Results from a USC/Annenberg study on 100 Top-Grossing films from 2007
Last week, my research team and I released a study on gender in 100 top-grossing films in 2007 (Key Findings). A few main results emerged, which I would like to highlight here. First, females do not represent "half the cinematic sky." Any moviegoer knows this. But, the findings make the point crystal clear. Out of 4,379 speaking characters coded in our study, only 29.9% are female.
Not only are females lacking visibility in film but they also are rarely employed behind-the-scenes (b-t-s). A total of 1,273 individuals are listed on IMDbPro as directors, writers, and producers of the 100 top-grossing films theatrically released in 2007. Only 17% of these jobs were filled by women: 3 female directors (109 males), 35 female writers (278 males) and 174 female producers (674 males). This calculates to a ratio of five b-t-s males to every one b-t-s female. Are females equivalent in film? No. Are they oppressed? Perhaps.
Despite this, b-t-s females matter. They may be small in number, but they are large in influence. For each film in our study, we looked at whether a woman in one of these sacrosanct titles affected the number of females appearing on-screen. They do, especially female directors. When only males were at the helm, the percentage of females on-screen was 29.3%. For films with a female director, the number jumped to 44.6%! A higher percentage of females on-screen (30.8%) occurred in films produced by one or more women than those produced only by men (26.4%). Compared to the percentage of on-screen girls/women when all-male writing teams penned the script (28.1%), the percentage of girls/women on-screen (34.9%) was significantly higher when one or more females were involved in the writing process. This last finding is notable given that the recent Writers Guild Report shows that the median for female film writers' self-reported income in 2007 was over $40,000 less than the median for male film writers.
Our data show meaningful differences. Let me illuminate how significant they may actually be from an employment perspective. The percentage of females in film increased by 15.3% in 2007 when a woman was involved directing. If women were at the helm of 33% of all 100 movies in this sample (rather than 3), the number of jobs for female actors could have potentially increased by 213.75 in the 100 top-grossing films in 2007. This would mean an additional 1,068.75 major, minor, and inconsequential speaking roles for female thespians in the top-grossing 100 films across 5 years and 2,137.50 across 10 years. Economically, this is no small effect for working female actors. And this only addresses employment consequences in the top 100 films. The numbers would rise dramatically if we looked at how these figures would play out across the total number of films released per year in the United States.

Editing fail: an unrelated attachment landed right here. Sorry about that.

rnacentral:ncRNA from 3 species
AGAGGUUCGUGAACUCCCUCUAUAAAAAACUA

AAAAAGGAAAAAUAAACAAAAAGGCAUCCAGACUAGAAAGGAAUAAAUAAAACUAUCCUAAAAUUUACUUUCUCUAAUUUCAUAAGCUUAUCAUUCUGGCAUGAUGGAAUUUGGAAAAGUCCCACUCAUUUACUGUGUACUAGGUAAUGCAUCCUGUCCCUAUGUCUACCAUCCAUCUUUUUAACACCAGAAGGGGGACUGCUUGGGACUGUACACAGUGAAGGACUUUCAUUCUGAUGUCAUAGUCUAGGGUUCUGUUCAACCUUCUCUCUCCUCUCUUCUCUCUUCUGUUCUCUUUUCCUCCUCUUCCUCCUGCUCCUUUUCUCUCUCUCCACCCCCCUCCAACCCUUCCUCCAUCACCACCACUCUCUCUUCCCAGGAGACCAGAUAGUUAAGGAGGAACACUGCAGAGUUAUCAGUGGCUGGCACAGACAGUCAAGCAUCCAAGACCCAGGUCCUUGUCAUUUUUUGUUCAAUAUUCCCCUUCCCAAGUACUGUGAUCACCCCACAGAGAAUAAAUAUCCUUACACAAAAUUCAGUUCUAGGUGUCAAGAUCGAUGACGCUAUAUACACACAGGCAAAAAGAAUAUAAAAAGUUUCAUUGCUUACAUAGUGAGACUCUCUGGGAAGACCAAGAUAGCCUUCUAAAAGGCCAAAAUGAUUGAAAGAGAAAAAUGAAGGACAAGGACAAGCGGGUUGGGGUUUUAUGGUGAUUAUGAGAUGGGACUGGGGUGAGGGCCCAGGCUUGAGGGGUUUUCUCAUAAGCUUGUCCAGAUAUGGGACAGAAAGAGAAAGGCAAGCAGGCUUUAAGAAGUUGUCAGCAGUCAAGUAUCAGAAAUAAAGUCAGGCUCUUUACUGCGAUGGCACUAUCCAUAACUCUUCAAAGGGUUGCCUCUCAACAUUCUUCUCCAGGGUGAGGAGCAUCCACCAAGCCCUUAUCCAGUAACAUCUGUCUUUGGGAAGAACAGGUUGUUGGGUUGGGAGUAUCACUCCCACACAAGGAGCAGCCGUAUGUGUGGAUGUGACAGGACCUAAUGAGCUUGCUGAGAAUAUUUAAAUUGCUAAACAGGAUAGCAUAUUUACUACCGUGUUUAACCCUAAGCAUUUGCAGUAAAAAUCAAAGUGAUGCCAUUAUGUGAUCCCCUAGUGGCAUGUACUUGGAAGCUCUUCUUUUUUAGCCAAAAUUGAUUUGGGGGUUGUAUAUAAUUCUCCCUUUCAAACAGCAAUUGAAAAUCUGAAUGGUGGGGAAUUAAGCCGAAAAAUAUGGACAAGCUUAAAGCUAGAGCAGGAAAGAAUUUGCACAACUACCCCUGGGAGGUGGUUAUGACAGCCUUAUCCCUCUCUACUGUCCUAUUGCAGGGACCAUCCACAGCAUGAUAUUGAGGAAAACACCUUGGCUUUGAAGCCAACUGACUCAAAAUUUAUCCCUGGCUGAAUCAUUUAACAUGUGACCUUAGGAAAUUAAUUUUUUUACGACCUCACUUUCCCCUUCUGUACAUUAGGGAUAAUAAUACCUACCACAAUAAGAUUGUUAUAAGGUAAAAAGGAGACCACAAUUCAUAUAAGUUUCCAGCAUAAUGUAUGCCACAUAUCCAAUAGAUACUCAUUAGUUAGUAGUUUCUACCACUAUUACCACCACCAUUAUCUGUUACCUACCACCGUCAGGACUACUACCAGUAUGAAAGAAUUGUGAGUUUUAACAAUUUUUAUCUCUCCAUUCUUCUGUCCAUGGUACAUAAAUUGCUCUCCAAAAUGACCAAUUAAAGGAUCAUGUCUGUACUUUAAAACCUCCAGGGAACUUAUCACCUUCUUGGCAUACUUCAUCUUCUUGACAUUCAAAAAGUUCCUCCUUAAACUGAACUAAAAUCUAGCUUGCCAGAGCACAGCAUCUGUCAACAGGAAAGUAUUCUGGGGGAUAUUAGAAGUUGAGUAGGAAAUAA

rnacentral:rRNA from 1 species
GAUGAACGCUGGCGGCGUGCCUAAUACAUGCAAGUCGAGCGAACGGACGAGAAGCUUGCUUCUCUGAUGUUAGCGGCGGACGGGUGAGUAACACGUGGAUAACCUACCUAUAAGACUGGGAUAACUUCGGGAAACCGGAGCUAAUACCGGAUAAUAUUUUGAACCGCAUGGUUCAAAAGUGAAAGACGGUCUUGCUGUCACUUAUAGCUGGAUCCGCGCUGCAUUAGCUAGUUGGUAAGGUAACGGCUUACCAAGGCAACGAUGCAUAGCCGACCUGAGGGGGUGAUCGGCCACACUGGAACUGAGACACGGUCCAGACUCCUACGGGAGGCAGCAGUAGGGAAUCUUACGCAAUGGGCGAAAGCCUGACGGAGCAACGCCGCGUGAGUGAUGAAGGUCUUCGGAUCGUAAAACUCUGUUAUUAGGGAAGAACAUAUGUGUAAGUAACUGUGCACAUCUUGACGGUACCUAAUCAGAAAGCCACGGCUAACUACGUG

Besides increasing jobs for female actors, b-t-s women may also change how a story is told on-screen. Studies show that the ways characters talk, look, and relate to other characters are different when one or more females are directing, writing, or producing properties for TV/film. Gender also can affect the way war is covered in the media. Examining war stories airing the first 100 days across three different conflicts (Bosnia, Persian Gulf, Afghanistan), Cinny Kennard and Sheila Murphy found that female correspondents are more likely than male correspondents to tell news stories focusing on victims of war, abuses to human rights, and soldier profiles.
This last study underscores the idea that females may tell stories about violence or conflict differently than their male peers. Isn't that the story of Kathryn Bigelow's The Hurt Locker? Isn't it possible that part of the film's critical acclaim may be due to the fact that a female directed it, presenting a different angle on the atrocities of war? Could it be that the choices Bigelow made from behind the camera amplified the film's resonance with males and females in the audience -- thereby increasing desirability and word of mouth across different quadrants of movie goers?
Surely, a lot of work still needs to be done on behalf of females in film. It just doesn't make sense that females are 50% of the population but less than a third of all characters shown on-screen, and less than a fifth of all producers, writers, and directors in top-grossing films from 2007. Box office revenue can't be used as the sole scapegoat any longer to explain gender differences across all speaking characters on-screen and people employed behind the camera.
To illustrate, Anemone Cerridwen and Dean K. Simonton's recent research on 914 films examined the relationship between production costs and the involvement of female directors, writers, producers, and actors. The researchers found "that as the percentage of females involved in a project increases the size of the budget decreases." And, exploring the IMDbPro website for the 10 most profitable films from 2007, nine featured a female on the writing or producing team. Further, a full 78% of the top-grossing films in 2007 employed at least one female producer. Taken together, these findings suggest that b-t-s females not only cost studios less to employ (this is a problem for a different reason), but they are involved with properties and franchises that are generating the most visibility and revenue for the major media conglomerates.
Given that it is 2010, I am surprised that so little change has taken place for females in the film industry over 60 years. Perhaps the dawn of a new day will break on March 7 with Kathryn Bigelow winning a historic Academy Award. Independent of that day, the data presented in this blog suggest that advocacy and activism are still needed for a representational sea change to take place for working females on-screen and behind the camera in film.
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